The ANU uses Turnitin to enhance student citation and referencing techniques, and to assess assignment submissions as a component of the University's approach to managing Academic Integrity. While the use of Turnitin is not mandatory, the ANU highly recommends Turnitin is used by both teaching staff and students. For additional information regarding Turnitin please visit the ANU Online website.


Two to three lectures per week, practicals and tutorials; total workload 55-60 contact hours in semester.

Requisite and Incompatibility

Enrolment in Programs 7609, 7629, 7631 and 7632 only.  Incompatible with BIOL3204

Prescribed Texts

There is no prescribed text.  Relevant reading will be given to students during the semester.

Assumed Knowledge

Requires Bachelor degree with knowledge of  genetics at second year level, or postgraduate courses BIOL6006 or BIOL6161 (or equivalent).


Tuition fees are for the academic year indicated at the top of the page.  

If you are a domestic graduate coursework or international student you will be required to pay tuition fees. Students continuing in their current program of study will have their tuition fees indexed annually from the year in which you commenced your program. Further information for domestic and international students about tuition and other fees can be found at Fees.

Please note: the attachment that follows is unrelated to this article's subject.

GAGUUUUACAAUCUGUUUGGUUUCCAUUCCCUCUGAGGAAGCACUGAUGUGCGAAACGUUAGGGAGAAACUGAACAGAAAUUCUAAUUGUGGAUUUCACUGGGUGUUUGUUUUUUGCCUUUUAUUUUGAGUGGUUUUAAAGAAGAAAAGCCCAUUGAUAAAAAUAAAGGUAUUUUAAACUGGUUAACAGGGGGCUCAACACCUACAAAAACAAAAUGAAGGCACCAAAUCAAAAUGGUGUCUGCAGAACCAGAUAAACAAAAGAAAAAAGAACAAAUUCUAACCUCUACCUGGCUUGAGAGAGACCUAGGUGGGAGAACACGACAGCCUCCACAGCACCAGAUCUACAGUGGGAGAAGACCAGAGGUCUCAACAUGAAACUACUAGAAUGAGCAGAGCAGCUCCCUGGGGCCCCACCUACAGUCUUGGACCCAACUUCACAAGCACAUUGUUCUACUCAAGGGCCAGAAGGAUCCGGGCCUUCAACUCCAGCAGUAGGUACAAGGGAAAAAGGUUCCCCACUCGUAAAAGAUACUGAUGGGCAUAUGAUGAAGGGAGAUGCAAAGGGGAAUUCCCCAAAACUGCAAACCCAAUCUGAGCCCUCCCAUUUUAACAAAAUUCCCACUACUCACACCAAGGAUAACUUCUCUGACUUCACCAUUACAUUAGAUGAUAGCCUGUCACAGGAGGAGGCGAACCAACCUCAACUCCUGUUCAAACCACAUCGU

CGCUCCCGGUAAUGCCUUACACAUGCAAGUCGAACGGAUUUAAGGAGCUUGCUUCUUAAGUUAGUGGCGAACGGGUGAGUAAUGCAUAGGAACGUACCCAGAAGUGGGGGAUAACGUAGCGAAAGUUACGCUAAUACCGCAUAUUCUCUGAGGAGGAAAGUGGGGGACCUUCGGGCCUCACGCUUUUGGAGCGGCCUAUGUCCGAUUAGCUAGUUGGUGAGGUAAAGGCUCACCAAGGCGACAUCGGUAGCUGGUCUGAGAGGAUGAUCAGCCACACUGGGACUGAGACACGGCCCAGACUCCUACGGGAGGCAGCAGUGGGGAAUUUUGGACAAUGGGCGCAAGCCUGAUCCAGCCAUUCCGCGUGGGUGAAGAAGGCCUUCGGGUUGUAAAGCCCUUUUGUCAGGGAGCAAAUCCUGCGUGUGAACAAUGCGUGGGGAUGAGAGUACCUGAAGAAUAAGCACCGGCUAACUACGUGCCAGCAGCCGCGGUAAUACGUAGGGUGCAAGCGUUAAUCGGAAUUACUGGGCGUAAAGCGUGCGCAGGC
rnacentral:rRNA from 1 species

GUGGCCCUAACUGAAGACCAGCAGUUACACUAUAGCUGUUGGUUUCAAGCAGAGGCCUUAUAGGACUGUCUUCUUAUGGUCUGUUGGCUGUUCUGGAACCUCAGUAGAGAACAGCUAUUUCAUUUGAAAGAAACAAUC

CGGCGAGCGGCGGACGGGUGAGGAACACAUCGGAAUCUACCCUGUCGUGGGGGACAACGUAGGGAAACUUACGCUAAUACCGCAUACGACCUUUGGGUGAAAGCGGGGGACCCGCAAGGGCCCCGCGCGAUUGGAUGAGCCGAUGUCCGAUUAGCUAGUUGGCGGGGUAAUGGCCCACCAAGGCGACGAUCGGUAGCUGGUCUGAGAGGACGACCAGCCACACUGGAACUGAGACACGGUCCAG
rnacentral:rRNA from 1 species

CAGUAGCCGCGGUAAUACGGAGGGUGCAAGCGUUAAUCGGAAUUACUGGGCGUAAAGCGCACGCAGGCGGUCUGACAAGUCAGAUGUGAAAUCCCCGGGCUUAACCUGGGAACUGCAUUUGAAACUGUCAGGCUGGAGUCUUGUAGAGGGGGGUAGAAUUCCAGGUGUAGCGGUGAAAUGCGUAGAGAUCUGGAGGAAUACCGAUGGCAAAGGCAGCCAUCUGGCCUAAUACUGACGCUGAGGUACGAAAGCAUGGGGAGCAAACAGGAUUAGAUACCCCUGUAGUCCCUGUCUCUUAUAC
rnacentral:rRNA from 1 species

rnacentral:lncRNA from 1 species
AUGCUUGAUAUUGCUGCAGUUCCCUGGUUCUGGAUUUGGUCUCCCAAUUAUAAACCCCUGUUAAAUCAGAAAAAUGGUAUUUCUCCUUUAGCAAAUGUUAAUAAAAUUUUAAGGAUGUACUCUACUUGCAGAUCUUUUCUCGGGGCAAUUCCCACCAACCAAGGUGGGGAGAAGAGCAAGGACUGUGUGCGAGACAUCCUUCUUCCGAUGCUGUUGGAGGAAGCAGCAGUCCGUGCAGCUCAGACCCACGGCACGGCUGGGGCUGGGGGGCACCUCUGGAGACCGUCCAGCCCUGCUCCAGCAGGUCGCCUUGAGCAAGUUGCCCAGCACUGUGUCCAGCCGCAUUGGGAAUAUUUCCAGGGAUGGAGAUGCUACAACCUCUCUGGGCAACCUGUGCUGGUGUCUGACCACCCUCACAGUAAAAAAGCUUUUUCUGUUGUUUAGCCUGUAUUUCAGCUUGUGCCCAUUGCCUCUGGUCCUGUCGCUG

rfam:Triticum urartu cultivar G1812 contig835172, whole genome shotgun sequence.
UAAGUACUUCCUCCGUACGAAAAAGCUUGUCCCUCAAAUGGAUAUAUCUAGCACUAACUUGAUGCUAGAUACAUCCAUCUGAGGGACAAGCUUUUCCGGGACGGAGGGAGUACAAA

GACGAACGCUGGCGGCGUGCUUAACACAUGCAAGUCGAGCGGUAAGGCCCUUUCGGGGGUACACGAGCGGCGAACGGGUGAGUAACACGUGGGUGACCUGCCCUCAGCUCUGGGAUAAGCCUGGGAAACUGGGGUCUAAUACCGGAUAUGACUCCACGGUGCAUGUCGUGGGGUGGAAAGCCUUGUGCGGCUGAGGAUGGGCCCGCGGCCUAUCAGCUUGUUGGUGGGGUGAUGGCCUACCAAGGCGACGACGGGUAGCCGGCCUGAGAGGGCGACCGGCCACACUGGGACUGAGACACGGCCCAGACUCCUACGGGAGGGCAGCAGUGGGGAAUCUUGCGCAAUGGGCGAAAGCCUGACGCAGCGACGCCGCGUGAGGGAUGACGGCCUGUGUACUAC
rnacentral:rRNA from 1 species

Student Contribution Band:
Unit value:
6 units

If you are an undergraduate student and have been offered a Commonwealth supported place, your fees are set by the Australian Government for each course. At ANU 1 EFTSL is 48 units (normally 8 x 6-unit courses). You can find your student contribution amount for each course at Fees.  Where there is a unit range displayed for this course, not all unit options below may be available.

6.00 0.12500
Domestic fee paying students
Year Fee Description
1994-2003 $1650
2014 $2946
2013 $2946
2012 $2946
2011 $2946
2010 $2358
2009 $2358
2008 $2358
2007 $2358
2006 $2358
2005 $2358
2004 $2160
International fee paying students
Year Fee
1994-2003 $3606
2014 $3762
2013 $3756
2012 $3756
2011 $3756
2010 $3750
2009 $3618
2008 $3618
2007 $3618
2006 $3618
2005 $3618
2004 $3618
Note: Please note that fee information is for current year only.

Offerings, Dates and Class Summary Links

ANU utilises MyTimetable to enable students to view the timetable for their enrolled courses, browse, then self-allocate to small teaching activities / tutorials so they can better plan their time. Find out more on the Timetable webpage.

The list of offerings for future years is indicative only.
Class summaries, if available, can be accessed by clicking on the View link for the relevant class number.

First Semester

Class number Class start date Last day to enrol Census date Class end date Mode Of Delivery Class Summary
4447 17 Feb 2014 07 Mar 2014 31 Mar 2014 30 May 2014 In Person N/A